Each constraint ${\displaystyle C_{i}\in C}$ is a boolean mapping indicating if the joint assignment ${\displaystyle (x,y)}$ violates a constraint, and ${\displaystyle \rho }$ is the penalty incurred for violating the constraints. Constraints assigned an infinite penalty are known as hard constraints, and represent unfeasible assignments to the optimization problem.

### Learning local vs. global models

The objective function used by CCMs can be decomposed and learned in several ways, ranging from a complete joint training of the model along with the constraints to completely decoupling the learning and the inference stage. In the latter case, several local models are learned independently and the dependency between these models is considered only at decision time via a global decision process. The advantages of each approach are discussed in [2] which studies the two training paradigms: (1) local models: L+I (learning + inference) and (2) global model: IBT (Inference based training), and shows both theoretically and experimentally that while IBT (joint training) is best in the limit, under some conditions (basically, ”good” components) L+I can generalize better.

The ability of CCM to combine local models is especially beneficial in cases where joint learning is computationally intractable or when training data are not available for joint learning. This flexibility distinguishes CCM from the other learning frameworks that also combine statistical information with declarative constraints, such as Markov logic network, that emphasize joint training.

### Minimally supervised CCM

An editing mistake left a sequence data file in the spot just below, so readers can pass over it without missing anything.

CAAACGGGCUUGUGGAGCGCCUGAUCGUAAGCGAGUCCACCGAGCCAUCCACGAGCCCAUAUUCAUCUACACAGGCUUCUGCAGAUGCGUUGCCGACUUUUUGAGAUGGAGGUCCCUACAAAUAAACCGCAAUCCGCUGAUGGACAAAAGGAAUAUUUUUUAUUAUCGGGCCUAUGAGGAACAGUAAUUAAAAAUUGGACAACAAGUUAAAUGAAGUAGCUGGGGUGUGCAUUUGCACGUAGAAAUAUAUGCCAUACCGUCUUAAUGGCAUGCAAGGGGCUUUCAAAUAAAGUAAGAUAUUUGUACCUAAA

CCM can help reduce supervision by using domain knowledge (expressed as constraints) to drive learning. These settings were studied in [3] and.[4] These works introduce semi-supervised Constraints Driven Learning (CODL) and show that by incorporating domain knowledge the performance of the learned model improves significantly.

### Learning over latent representations

CCMs have also been applied to latent learning frameworks, where the learning problem is defined over a latent representation layer. Since the notion of a correct representation is inherently ill-defined, no gold-standard labeled data regarding the representation decision is available to the learner. Identifying the correct (or optimal) learning representation is viewed as a structured prediction process and therefore modeled as a CCM. This problem was covered in several papers, in both supervised[5] and unsupervised [6] settings. In all cases research showed that explicitly modeling the interdependencies between representation decisions via constraints results in an improved performance.

## Integer linear programming for natural language processing applications

The advantages of the CCM declarative formulation and the availability of off-the-shelf solvers have led to a large variety of natural language processing tasks being formulated within the framework, including semantic role labeling,[7] syntactic parsing,[8] coreference resolution,[9] summarization,[10][11][12] transliteration,[13] natural language generation [14] and joint information extraction.[15][16]

Most of these works use an integer linear programming (ILP) solver to solve the decision problem. Although theoretically solving an Integer Linear Program is exponential in the size of the decision problem, in practice using state-of-the-art solvers and approximate inference techniques [17] large scale problems can be solved efficiently.

The key advantage of using an ILP solver for solving the optimization problem defined by a constrained conditional model is the declarative formulation used as input for the ILP solver, consisting of a linear objective function and a set of linear constraints.